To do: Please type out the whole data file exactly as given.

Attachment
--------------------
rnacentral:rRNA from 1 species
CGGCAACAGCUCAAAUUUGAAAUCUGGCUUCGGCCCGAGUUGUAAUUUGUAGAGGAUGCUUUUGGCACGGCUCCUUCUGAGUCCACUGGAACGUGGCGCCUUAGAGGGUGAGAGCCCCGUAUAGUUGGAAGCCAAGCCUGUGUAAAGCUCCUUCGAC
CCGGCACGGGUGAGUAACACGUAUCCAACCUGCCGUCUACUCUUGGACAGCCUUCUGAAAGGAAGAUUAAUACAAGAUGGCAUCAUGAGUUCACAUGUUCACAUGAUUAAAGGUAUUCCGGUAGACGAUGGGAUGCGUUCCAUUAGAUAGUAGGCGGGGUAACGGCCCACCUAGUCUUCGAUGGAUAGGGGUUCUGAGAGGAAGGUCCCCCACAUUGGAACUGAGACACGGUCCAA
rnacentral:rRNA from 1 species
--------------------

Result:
rnacentral:rRNA from 1 species
CGGCAACAGCUCAAAUUUGAAAUCUGGCUUCGGCCCGAGUUGUAAUUUGUAGAGGAUGCUUUUGGCACGGCUCCUUCUGAGUCCACUGGAACGUGGCGCCUUAGAGGGUGAGAGCCCCGUAUAGUUGGAAGCCAAGCCUGUGUAAAGCUCCUUCGAC
CCGGCACGGGUGAGUAACACGUAUCCAACCUGCCGUCUACUCUUGGACAGCCUUCUGAAAGGAAGAUUAAUACAAGAUGGCAUCAUGAGUUCACAUGUUCACAUGAUUAAAGGUAUUCCGGUAGACGAUGGGAUGCGUUCCAUUAGAUAGUAGGCGGGGUAACGGCCCACCUAGUCUUCGAUGGAUAGGGGUUCUGAGAGGAAGGUCCCCCACAUUGGAACUGAGACACGGUCCAA
rnacentral:rRNA from 1 species